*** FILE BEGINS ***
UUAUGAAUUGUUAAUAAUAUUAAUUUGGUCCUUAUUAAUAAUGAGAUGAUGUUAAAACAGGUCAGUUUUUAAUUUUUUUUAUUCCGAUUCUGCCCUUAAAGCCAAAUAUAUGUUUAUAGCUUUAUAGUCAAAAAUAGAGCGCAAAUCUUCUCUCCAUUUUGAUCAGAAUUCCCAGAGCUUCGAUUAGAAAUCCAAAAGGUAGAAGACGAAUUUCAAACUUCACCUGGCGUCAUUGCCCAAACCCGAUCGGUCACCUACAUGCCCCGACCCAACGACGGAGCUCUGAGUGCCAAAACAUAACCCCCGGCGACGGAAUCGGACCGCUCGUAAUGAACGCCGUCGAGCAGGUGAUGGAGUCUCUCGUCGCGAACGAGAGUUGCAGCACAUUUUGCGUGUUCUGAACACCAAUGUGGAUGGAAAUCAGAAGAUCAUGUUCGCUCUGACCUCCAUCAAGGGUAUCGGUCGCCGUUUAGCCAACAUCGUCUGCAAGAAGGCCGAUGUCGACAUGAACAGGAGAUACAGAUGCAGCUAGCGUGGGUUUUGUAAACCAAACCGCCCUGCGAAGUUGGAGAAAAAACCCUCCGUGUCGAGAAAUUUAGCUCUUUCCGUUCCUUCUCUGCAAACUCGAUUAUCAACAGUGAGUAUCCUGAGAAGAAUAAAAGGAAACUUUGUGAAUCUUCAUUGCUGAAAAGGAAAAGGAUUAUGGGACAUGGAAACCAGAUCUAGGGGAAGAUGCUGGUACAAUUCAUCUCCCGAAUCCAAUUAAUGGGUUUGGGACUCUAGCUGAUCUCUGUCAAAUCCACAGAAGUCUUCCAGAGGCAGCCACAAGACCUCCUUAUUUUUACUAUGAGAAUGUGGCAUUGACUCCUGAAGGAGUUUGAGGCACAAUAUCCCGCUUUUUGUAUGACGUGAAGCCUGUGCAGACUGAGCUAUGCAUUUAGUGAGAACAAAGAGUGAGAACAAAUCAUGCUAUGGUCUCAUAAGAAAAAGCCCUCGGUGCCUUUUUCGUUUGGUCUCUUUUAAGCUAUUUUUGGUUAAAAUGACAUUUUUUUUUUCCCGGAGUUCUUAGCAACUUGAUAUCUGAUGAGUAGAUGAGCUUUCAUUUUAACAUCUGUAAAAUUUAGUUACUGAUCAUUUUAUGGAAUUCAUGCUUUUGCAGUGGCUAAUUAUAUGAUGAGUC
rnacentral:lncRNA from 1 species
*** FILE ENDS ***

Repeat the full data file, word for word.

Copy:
UUAUGAAUUGUUAAUAAUAUUAAUUUGGUCCUUAUUAAUAAUGAGAUGAUGUUAAAACAGGUCAGUUUUUAAUUUUUUUUAUUCCGAUUCUGCCCUUAAAGCCAAAUAUAUGUUUAUAGCUUUAUAGUCAAAAAUAGAGCGCAAAUCUUCUCUCCAUUUUGAUCAGAAUUCCCAGAGCUUCGAUUAGAAAUCCAAAAGGUAGAAGACGAAUUUCAAACUUCACCUGGCGUCAUUGCCCAAACCCGAUCGGUCACCUACAUGCCCCGACCCAACGACGGAGCUCUGAGUGCCAAAACAUAACCCCCGGCGACGGAAUCGGACCGCUCGUAAUGAACGCCGUCGAGCAGGUGAUGGAGUCUCUCGUCGCGAACGAGAGUUGCAGCACAUUUUGCGUGUUCUGAACACCAAUGUGGAUGGAAAUCAGAAGAUCAUGUUCGCUCUGACCUCCAUCAAGGGUAUCGGUCGCCGUUUAGCCAACAUCGUCUGCAAGAAGGCCGAUGUCGACAUGAACAGGAGAUACAGAUGCAGCUAGCGUGGGUUUUGUAAACCAAACCGCCCUGCGAAGUUGGAGAAAAAACCCUCCGUGUCGAGAAAUUUAGCUCUUUCCGUUCCUUCUCUGCAAACUCGAUUAUCAACAGUGAGUAUCCUGAGAAGAAUAAAAGGAAACUUUGUGAAUCUUCAUUGCUGAAAAGGAAAAGGAUUAUGGGACAUGGAAACCAGAUCUAGGGGAAGAUGCUGGUACAAUUCAUCUCCCGAAUCCAAUUAAUGGGUUUGGGACUCUAGCUGAUCUCUGUCAAAUCCACAGAAGUCUUCCAGAGGCAGCCACAAGACCUCCUUAUUUUUACUAUGAGAAUGUGGCAUUGACUCCUGAAGGAGUUUGAGGCACAAUAUCCCGCUUUUUGUAUGACGUGAAGCCUGUGCAGACUGAGCUAUGCAUUUAGUGAGAACAAAGAGUGAGAACAAAUCAUGCUAUGGUCUCAUAAGAAAAAGCCCUCGGUGCCUUUUUCGUUUGGUCUCUUUUAAGCUAUUUUUGGUUAAAAUGACAUUUUUUUUUUCCCGGAGUUCUUAGCAACUUGAUAUCUGAUGAGUAGAUGAGCUUUCAUUUUAACAUCUGUAAAAUUUAGUUACUGAUCAUUUUAUGGAAUUCAUGCUUUUGCAGUGGCUAAUUAUAUGAUGAGUC
rnacentral:lncRNA from 1 species